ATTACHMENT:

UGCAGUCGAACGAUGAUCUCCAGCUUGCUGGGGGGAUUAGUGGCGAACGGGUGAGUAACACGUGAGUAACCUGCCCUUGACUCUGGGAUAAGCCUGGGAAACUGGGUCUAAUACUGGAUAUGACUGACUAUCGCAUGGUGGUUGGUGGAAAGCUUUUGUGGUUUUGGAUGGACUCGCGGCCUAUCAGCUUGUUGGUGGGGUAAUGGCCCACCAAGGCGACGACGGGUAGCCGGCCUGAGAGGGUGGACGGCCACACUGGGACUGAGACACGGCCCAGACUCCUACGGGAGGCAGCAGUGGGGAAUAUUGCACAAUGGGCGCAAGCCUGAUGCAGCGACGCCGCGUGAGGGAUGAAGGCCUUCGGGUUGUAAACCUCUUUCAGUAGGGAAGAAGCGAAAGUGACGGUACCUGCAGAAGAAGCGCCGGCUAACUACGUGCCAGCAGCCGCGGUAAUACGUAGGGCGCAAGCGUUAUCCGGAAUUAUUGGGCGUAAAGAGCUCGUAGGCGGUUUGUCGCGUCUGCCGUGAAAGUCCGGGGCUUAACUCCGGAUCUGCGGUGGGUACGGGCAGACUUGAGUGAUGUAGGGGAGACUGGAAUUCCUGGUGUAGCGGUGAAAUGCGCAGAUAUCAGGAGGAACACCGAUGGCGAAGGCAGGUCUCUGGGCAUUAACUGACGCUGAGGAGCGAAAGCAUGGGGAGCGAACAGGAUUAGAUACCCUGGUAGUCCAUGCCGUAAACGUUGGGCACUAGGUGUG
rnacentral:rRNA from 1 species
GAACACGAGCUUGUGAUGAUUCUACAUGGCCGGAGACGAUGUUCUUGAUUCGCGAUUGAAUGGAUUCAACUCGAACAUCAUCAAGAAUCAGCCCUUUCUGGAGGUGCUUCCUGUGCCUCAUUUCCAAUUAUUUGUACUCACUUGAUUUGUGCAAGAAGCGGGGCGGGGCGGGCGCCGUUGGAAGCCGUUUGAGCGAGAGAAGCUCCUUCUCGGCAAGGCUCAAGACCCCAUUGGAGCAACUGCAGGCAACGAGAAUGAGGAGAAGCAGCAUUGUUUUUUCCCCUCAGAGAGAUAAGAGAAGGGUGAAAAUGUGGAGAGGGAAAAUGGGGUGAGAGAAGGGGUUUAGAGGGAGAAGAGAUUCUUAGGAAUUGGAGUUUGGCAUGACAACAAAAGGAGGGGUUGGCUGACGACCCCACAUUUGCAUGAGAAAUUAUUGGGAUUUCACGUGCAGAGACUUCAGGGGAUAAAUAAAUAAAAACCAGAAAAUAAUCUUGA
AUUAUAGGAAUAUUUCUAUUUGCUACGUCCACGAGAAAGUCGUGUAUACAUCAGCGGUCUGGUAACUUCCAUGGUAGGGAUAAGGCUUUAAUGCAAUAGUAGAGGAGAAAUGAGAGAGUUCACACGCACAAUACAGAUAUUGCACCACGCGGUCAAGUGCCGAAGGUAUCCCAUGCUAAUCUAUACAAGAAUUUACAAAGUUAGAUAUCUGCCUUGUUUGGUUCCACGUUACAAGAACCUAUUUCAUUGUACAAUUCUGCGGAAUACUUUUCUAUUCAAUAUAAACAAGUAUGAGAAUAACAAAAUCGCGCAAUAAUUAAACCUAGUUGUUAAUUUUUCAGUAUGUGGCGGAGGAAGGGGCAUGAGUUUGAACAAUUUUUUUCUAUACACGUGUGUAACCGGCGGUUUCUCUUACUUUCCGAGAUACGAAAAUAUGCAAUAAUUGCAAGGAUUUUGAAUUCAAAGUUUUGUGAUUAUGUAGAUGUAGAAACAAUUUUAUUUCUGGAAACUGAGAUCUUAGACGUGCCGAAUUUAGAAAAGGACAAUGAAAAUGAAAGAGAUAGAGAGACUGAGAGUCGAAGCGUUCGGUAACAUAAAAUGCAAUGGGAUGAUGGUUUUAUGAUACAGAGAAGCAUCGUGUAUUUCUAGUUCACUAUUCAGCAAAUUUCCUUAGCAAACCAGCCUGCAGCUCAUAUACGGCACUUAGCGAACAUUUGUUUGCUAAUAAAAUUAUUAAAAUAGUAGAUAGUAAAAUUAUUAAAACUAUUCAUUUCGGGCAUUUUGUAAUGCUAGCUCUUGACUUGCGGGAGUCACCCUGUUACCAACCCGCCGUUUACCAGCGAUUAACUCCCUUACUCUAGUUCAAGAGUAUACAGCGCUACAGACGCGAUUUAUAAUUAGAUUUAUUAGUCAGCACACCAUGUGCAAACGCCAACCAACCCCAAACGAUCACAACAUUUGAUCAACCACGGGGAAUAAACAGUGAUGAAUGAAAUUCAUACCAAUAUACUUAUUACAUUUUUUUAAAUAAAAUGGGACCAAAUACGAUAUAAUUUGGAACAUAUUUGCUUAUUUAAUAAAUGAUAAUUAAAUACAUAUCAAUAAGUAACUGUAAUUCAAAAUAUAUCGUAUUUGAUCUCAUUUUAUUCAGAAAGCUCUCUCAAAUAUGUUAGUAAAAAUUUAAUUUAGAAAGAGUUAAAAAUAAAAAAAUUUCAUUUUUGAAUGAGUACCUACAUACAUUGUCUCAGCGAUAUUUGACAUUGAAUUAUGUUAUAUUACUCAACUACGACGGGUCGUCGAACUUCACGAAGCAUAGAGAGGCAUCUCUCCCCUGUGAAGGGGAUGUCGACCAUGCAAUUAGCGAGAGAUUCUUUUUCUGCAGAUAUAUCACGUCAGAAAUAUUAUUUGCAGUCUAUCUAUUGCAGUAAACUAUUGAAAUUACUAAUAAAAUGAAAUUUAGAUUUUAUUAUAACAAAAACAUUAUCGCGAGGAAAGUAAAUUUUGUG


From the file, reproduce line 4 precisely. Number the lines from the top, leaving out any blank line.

AUUAUAGGAAUAUUUCUAUUUGCUACGUCCACGAGAAAGUCGUGUAUACAUCAGCGGUCUGGUAACUUCCAUGGUAGGGAUAAGGCUUUAAUGCAAUAGUAGAGGAGAAAUGAGAGAGUUCACACGCACAAUACAGAUAUUGCACCACGCGGUCAAGUGCCGAAGGUAUCCCAUGCUAAUCUAUACAAGAAUUUACAAAGUUAGAUAUCUGCCUUGUUUGGUUCCACGUUACAAGAACCUAUUUCAUUGUACAAUUCUGCGGAAUACUUUUCUAUUCAAUAUAAACAAGUAUGAGAAUAACAAAAUCGCGCAAUAAUUAAACCUAGUUGUUAAUUUUUCAGUAUGUGGCGGAGGAAGGGGCAUGAGUUUGAACAAUUUUUUUCUAUACACGUGUGUAACCGGCGGUUUCUCUUACUUUCCGAGAUACGAAAAUAUGCAAUAAUUGCAAGGAUUUUGAAUUCAAAGUUUUGUGAUUAUGUAGAUGUAGAAACAAUUUUAUUUCUGGAAACUGAGAUCUUAGACGUGCCGAAUUUAGAAAAGGACAAUGAAAAUGAAAGAGAUAGAGAGACUGAGAGUCGAAGCGUUCGGUAACAUAAAAUGCAAUGGGAUGAUGGUUUUAUGAUACAGAGAAGCAUCGUGUAUUUCUAGUUCACUAUUCAGCAAAUUUCCUUAGCAAACCAGCCUGCAGCUCAUAUACGGCACUUAGCGAACAUUUGUUUGCUAAUAAAAUUAUUAAAAUAGUAGAUAGUAAAAUUAUUAAAACUAUUCAUUUCGGGCAUUUUGUAAUGCUAGCUCUUGACUUGCGGGAGUCACCCUGUUACCAACCCGCCGUUUACCAGCGAUUAACUCCCUUACUCUAGUUCAAGAGUAUACAGCGCUACAGACGCGAUUUAUAAUUAGAUUUAUUAGUCAGCACACCAUGUGCAAACGCCAACCAACCCCAAACGAUCACAACAUUUGAUCAACCACGGGGAAUAAACAGUGAUGAAUGAAAUUCAUACCAAUAUACUUAUUACAUUUUUUUAAAUAAAAUGGGACCAAAUACGAUAUAAUUUGGAACAUAUUUGCUUAUUUAAUAAAUGAUAAUUAAAUACAUAUCAAUAAGUAACUGUAAUUCAAAAUAUAUCGUAUUUGAUCUCAUUUUAUUCAGAAAGCUCUCUCAAAUAUGUUAGUAAAAAUUUAAUUUAGAAAGAGUUAAAAAUAAAAAAAUUUCAUUUUUGAAUGAGUACCUACAUACAUUGUCUCAGCGAUAUUUGACAUUGAAUUAUGUUAUAUUACUCAACUACGACGGGUCGUCGAACUUCACGAAGCAUAGAGAGGCAUCUCUCCCCUGUGAAGGGGAUGUCGACCAUGCAAUUAGCGAGAGAUUCUUUUUCUGCAGAUAUAUCACGUCAGAAAUAUUAUUUGCAGUCUAUCUAUUGCAGUAAACUAUUGAAAUUACUAAUAAAAUGAAAUUUAGAUUUUAUUAUAACAAAAACAUUAUCGCGAGGAAAGUAAAUUUUGUG